Limited research focuses on risk perceptions of hot weather among ethnic minority groups in remote mountain areas of China. Adopting a multi-stage sampling method, this study received completed questionnaires from 643 participates in Enshi Tujia and Miao Autonomous Prefecture of China in 2017 and 2018. We used multivariate logistic regression models to explore the factors affecting risk perceptions and coping behaviors with regards to hot weather. Results showed that despite a relatively high level of risk perception, the study population in the mountain areas of China had a very low level of preparedness in responding to the risks from heat, and a lack of professional health knowledge in general. In particular, 61.3% (95% CI: 57.1%−5.6%) of the participants felt increasing temperatures in recent years, 73.2% (95% CI: 69.3%−7.0%) thought extreme high temperatures would be a health threat, and 61.3% (95% CI: 57.1%−5.4%) reported physical discomfort during hot weather. However, only 12% (95% CI: 9.5%−4.5%) had the information or knowledge to stay healthy during the extreme high temperatures, and only 24.2% had (95% CI: 20.8%−7.6%) preparation. The logistic regression models suggested that ethnic group, health status, marital status, gender, and employment could affect their perceptions, which could significantly affect the adoption of coping behaviors. In conclusion, our findings have significant implications for developing policies and health education and promotion programs for ethnic minorities in remote regions to maintain good health during hot weather. Full article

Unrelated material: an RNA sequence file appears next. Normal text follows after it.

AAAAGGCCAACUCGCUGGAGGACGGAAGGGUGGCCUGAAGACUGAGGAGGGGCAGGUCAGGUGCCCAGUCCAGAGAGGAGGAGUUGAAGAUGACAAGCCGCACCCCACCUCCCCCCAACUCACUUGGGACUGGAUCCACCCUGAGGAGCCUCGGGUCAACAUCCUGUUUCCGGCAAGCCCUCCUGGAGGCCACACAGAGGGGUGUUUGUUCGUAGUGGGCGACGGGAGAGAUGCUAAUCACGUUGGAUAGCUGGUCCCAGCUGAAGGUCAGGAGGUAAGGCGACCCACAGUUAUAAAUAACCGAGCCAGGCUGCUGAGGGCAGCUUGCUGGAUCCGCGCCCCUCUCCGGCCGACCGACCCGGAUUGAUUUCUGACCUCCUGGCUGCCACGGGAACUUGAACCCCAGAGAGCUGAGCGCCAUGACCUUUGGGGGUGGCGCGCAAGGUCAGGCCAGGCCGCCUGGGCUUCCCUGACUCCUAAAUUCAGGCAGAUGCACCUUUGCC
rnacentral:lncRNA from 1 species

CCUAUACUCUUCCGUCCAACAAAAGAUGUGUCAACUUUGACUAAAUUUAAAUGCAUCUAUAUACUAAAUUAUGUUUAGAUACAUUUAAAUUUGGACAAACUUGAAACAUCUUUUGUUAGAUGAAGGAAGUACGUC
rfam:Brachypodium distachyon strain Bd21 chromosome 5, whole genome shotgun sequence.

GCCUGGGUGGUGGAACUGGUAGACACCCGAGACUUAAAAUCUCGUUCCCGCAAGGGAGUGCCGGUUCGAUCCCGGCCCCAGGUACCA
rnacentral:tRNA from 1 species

(This article belongs to the Special Issue Extreme Weather Events and Health)